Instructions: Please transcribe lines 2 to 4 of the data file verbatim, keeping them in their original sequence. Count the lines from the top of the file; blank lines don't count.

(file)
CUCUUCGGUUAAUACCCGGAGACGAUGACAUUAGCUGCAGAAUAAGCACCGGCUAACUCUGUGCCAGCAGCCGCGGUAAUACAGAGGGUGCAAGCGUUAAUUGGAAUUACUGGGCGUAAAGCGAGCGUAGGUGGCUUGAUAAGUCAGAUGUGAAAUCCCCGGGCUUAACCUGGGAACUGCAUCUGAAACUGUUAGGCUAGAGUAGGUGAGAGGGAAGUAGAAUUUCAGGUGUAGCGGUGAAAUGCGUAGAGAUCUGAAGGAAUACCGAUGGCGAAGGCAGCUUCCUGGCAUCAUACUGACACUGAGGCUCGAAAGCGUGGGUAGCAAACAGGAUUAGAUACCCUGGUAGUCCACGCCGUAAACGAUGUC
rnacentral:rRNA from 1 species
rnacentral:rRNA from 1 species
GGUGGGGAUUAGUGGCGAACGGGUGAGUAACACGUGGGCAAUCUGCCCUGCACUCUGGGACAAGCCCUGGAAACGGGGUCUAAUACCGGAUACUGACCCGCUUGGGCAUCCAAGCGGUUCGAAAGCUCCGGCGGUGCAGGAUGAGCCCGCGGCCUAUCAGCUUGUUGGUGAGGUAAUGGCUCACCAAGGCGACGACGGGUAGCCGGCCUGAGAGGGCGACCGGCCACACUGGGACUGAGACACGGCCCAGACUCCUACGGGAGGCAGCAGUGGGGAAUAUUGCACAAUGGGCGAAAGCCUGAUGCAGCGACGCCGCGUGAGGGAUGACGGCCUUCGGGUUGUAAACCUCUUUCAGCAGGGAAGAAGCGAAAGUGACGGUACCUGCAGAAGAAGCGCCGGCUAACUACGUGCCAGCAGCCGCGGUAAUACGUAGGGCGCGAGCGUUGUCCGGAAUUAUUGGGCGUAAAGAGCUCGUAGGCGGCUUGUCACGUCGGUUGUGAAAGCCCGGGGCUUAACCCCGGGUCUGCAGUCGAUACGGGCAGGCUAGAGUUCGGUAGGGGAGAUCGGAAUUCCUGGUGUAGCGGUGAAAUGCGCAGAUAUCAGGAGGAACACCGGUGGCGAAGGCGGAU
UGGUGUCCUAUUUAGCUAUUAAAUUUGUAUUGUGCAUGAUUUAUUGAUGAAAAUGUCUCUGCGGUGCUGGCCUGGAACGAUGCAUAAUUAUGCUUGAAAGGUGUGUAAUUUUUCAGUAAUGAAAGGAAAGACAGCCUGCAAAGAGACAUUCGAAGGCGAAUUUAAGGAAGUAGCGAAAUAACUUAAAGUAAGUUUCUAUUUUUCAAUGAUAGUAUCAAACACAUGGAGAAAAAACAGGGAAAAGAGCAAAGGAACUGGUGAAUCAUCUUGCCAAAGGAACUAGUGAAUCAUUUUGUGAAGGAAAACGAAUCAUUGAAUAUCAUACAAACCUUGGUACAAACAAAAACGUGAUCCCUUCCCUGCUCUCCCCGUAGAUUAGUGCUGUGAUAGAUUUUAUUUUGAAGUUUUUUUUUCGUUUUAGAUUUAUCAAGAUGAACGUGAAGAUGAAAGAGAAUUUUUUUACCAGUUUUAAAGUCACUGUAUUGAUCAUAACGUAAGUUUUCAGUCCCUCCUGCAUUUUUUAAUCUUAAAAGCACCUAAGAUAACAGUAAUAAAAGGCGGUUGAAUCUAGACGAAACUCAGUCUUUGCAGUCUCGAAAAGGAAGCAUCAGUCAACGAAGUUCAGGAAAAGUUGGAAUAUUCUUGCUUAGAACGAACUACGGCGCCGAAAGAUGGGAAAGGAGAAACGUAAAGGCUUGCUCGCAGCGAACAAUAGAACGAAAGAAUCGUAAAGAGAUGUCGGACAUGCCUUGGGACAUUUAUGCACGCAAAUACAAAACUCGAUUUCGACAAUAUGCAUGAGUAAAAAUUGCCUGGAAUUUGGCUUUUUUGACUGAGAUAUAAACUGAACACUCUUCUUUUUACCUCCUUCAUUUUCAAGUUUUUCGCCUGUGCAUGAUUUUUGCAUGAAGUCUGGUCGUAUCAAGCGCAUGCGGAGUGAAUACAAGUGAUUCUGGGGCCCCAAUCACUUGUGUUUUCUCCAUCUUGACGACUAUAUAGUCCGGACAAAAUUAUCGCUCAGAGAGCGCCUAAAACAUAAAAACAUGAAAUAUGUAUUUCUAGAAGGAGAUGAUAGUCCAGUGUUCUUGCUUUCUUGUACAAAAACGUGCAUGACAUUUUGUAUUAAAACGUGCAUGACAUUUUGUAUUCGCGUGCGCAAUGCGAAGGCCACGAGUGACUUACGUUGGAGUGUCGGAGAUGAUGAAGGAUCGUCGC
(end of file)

rnacentral:rRNA from 1 species
rnacentral:rRNA from 1 species
GGUGGGGAUUAGUGGCGAACGGGUGAGUAACACGUGGGCAAUCUGCCCUGCACUCUGGGACAAGCCCUGGAAACGGGGUCUAAUACCGGAUACUGACCCGCUUGGGCAUCCAAGCGGUUCGAAAGCUCCGGCGGUGCAGGAUGAGCCCGCGGCCUAUCAGCUUGUUGGUGAGGUAAUGGCUCACCAAGGCGACGACGGGUAGCCGGCCUGAGAGGGCGACCGGCCACACUGGGACUGAGACACGGCCCAGACUCCUACGGGAGGCAGCAGUGGGGAAUAUUGCACAAUGGGCGAAAGCCUGAUGCAGCGACGCCGCGUGAGGGAUGACGGCCUUCGGGUUGUAAACCUCUUUCAGCAGGGAAGAAGCGAAAGUGACGGUACCUGCAGAAGAAGCGCCGGCUAACUACGUGCCAGCAGCCGCGGUAAUACGUAGGGCGCGAGCGUUGUCCGGAAUUAUUGGGCGUAAAGAGCUCGUAGGCGGCUUGUCACGUCGGUUGUGAAAGCCCGGGGCUUAACCCCGGGUCUGCAGUCGAUACGGGCAGGCUAGAGUUCGGUAGGGGAGAUCGGAAUUCCUGGUGUAGCGGUGAAAUGCGCAGAUAUCAGGAGGAACACCGGUGGCGAAGGCGGAU